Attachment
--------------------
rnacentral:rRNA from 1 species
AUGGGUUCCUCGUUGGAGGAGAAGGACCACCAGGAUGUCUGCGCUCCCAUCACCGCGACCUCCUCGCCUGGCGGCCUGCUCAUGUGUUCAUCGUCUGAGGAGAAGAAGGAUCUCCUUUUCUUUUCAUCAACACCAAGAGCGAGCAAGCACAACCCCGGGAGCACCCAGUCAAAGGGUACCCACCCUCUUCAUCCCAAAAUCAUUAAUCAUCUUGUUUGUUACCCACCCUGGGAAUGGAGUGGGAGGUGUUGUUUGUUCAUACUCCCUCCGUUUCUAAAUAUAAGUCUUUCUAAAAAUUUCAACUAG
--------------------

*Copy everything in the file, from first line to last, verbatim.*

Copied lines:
rnacentral:rRNA from 1 species
AUGGGUUCCUCGUUGGAGGAGAAGGACCACCAGGAUGUCUGCGCUCCCAUCACCGCGACCUCCUCGCCUGGCGGCCUGCUCAUGUGUUCAUCGUCUGAGGAGAAGAAGGAUCUCCUUUUCUUUUCAUCAACACCAAGAGCGAGCAAGCACAACCCCGGGAGCACCCAGUCAAAGGGUACCCACCCUCUUCAUCCCAAAAUCAUUAAUCAUCUUGUUUGUUACCCACCCUGGGAAUGGAGUGGGAGGUGUUGUUUGUUCAUACUCCCUCCGUUUCUAAAUAUAAGUCUUUCUAAAAAUUUCAACUAG